Warning of "invasion" of Venezuelan shelf by Guyana
Diplomats underscore that no country may discuss ownership of the national coast
The paper, signed by Luis Herrera Marcano, Ph.D. in law, retired ambassador and ex-member of the taskforce established apropos the Geneva Agreement; Rosario Orellana Yépez, attorney at law and ex-vice minister of Foreign Affairs, and Sadio Garavini di Turno, Ph.D. in Political Sciences and former Venezuelan ambassador to Guyana, is intended to answer this question: Why are the rights over Venezuela's Atlantic front endangered?
"The territory of Venezuela comprises, in addition to its coasts on the Caribbean Sea, a coast located in front of the open Atlantic Ocean, the coast of Delta Amacuro state," the document explains.
The paper adds that the territory owned by Guyana and disputed by Venezuela is located to the southeast of the coast. It stretches to river Essequibo, the coast of Guyana's territory undisputed by Venezuela and the coast of Suriname come next. Trinidad is to the northeast of the coast of Delta Amacuro.
"Under the international law acknowledged by all the States in the world, the coast of every State includes, beyond the territorial sea of 12 nautical miles (20 kilometers), an exclusive economic zone up to 200 nautical miles off the coast. Only this State is entitled to capitalize on the economic resources of the seabed, the water covering it and the continental shelf that could go beyond 200 miles. In accordance with the international law, it could reach the continental bank. There, the State has the exclusive right to develop subsoil resources," the paper elaborates.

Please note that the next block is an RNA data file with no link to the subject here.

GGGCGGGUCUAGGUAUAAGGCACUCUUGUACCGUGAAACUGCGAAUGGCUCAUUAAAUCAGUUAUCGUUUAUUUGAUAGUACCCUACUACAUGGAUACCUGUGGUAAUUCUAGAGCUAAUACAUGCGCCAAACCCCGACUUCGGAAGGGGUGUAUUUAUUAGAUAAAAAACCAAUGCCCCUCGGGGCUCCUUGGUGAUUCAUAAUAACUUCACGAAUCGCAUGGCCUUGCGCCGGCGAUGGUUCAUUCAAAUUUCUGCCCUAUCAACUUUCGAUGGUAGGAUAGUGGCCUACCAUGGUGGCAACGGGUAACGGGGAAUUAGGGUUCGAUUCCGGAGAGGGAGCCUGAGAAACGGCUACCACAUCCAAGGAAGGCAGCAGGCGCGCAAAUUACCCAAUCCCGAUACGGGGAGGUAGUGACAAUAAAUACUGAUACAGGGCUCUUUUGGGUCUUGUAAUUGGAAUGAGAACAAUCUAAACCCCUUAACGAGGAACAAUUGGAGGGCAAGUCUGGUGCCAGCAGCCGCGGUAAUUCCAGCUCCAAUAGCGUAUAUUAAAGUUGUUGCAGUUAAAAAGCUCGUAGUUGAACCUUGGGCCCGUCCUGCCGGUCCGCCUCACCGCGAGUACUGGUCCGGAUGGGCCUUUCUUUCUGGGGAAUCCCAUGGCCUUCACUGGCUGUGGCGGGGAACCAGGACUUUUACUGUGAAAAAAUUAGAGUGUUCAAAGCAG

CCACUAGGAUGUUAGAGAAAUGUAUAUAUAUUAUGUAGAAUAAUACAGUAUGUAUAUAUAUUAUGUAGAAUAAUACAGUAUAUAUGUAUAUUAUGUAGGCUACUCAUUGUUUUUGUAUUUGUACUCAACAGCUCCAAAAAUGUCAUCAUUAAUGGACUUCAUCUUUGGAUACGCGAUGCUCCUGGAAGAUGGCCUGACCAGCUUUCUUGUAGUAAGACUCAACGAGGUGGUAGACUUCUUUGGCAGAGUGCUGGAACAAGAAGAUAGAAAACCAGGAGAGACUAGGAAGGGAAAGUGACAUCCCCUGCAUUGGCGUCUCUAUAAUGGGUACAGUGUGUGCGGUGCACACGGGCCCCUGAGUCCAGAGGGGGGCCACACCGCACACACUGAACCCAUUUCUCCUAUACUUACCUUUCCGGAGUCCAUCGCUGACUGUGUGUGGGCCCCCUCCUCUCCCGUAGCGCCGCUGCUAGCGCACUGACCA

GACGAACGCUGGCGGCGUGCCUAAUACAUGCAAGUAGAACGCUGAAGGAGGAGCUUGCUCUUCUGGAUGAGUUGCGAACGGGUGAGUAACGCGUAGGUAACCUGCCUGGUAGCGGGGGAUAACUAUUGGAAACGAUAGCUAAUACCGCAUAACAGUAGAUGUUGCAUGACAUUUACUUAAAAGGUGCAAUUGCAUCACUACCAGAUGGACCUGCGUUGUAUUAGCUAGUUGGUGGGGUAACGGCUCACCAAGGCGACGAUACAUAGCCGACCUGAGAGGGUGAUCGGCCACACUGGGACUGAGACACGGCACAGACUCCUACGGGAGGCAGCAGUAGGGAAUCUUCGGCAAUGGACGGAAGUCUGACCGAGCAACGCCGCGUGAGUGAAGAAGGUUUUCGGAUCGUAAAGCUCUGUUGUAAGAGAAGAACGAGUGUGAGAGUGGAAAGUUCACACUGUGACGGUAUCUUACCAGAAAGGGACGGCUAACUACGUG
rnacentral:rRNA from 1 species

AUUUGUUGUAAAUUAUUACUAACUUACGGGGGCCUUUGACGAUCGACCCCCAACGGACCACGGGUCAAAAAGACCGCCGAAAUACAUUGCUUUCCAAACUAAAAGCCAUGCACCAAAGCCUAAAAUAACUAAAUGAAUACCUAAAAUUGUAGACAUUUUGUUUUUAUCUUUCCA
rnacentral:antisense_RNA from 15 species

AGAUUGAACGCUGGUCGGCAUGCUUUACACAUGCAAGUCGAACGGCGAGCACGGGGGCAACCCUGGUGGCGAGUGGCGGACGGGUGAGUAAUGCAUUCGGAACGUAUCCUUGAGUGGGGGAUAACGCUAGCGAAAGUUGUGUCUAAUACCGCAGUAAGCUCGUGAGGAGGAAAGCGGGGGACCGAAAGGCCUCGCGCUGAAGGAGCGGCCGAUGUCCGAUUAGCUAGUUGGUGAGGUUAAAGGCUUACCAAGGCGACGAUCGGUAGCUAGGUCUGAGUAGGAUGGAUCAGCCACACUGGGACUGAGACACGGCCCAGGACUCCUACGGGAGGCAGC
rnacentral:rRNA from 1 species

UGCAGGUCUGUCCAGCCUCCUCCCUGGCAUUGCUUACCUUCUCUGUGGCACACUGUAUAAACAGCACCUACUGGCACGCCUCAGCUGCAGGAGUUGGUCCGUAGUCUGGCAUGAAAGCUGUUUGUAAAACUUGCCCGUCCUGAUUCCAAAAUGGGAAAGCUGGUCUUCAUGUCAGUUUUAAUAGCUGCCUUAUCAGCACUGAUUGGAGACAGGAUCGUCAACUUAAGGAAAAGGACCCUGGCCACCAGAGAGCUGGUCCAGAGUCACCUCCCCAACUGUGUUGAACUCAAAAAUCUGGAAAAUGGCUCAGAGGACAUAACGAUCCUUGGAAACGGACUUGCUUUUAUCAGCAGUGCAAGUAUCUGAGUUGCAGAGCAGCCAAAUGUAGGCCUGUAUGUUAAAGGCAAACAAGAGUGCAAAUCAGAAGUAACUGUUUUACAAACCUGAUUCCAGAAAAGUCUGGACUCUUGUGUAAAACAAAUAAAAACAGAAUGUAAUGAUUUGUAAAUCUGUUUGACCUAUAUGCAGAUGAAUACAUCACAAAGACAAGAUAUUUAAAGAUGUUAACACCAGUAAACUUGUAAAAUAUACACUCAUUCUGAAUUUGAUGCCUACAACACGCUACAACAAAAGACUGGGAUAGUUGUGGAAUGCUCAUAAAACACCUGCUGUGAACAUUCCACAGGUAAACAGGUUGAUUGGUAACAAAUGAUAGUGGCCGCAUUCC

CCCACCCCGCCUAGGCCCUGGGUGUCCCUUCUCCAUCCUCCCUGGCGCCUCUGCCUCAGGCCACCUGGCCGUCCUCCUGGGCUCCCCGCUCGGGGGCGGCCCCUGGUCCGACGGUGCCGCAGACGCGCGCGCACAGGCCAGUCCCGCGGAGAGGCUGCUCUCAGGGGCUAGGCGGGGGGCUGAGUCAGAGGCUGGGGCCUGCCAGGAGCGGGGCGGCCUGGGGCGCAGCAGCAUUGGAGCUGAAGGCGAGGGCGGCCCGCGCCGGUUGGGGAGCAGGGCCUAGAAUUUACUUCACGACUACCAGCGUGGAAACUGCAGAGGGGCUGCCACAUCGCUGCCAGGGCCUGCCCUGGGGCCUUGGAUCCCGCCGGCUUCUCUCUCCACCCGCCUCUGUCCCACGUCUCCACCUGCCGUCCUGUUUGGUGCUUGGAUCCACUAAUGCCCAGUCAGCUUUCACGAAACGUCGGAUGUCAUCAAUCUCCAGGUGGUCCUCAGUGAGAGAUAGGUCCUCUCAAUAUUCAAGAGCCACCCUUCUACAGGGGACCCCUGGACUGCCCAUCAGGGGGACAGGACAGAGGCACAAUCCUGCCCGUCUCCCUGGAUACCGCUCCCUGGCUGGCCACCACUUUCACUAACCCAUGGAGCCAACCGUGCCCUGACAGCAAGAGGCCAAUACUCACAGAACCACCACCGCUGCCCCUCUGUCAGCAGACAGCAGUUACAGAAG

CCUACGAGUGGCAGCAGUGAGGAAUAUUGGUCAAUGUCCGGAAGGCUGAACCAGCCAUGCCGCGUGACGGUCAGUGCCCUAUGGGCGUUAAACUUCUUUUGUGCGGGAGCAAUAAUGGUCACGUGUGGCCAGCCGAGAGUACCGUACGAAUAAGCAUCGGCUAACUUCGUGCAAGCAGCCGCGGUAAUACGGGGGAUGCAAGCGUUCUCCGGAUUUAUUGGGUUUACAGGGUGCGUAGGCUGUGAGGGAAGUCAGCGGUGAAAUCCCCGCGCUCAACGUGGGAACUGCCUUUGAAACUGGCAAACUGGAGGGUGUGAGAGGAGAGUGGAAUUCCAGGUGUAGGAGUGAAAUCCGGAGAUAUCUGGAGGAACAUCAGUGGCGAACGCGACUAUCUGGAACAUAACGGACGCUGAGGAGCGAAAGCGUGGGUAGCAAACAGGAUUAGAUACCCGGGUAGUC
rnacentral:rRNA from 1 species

With regard to Venezuela, such bank is over 360 nautical miles off the coast, according to the paper.
Authors remembered that Venezuela already agreed with Trinidad and Tobago, under an agreement executed in 1990, on the sea borderline that separates their respective territories. In such agreement, the projection towards the continental bank is recognized. "Venezuela and Guyana have not even discussed the extent of the sea areas that belong to the coast of Delta Amacuro, the disputed territory or the rest of Guyana," the experts noted. Hence, they warned against the oil concessions granted by Guyana in "the areas that belong to the delta platform."
"Venezuela has not made any public protest to Guyana. Silence could be construed by the rest of the international community as tacit acceptance of Guyana's intentions," the diplomats regretted.
Translated by Conchita Delgado
Pablo Jiménez Guaricuco was summarily dismissed from his Clerk III job at the Autonomous Service of Public Registries and Notaries' Offices (Saren). He read a notice published in a newspaper on November 5 informing the public that he was no longer employed to the Saren. He was sacked despite the fact that he was taking a leave of absence from work due to a work-related accident, and that he enjoyed security of employment under the parental job-immunity privilege. Most probably, the decision was influenced by his role as a union organizer. But what did he do, besides leading protests, to deserve the sack? Well, he allegedly sent off a series of tweets that definitely hurt the sensitivity of the Saren Directorate.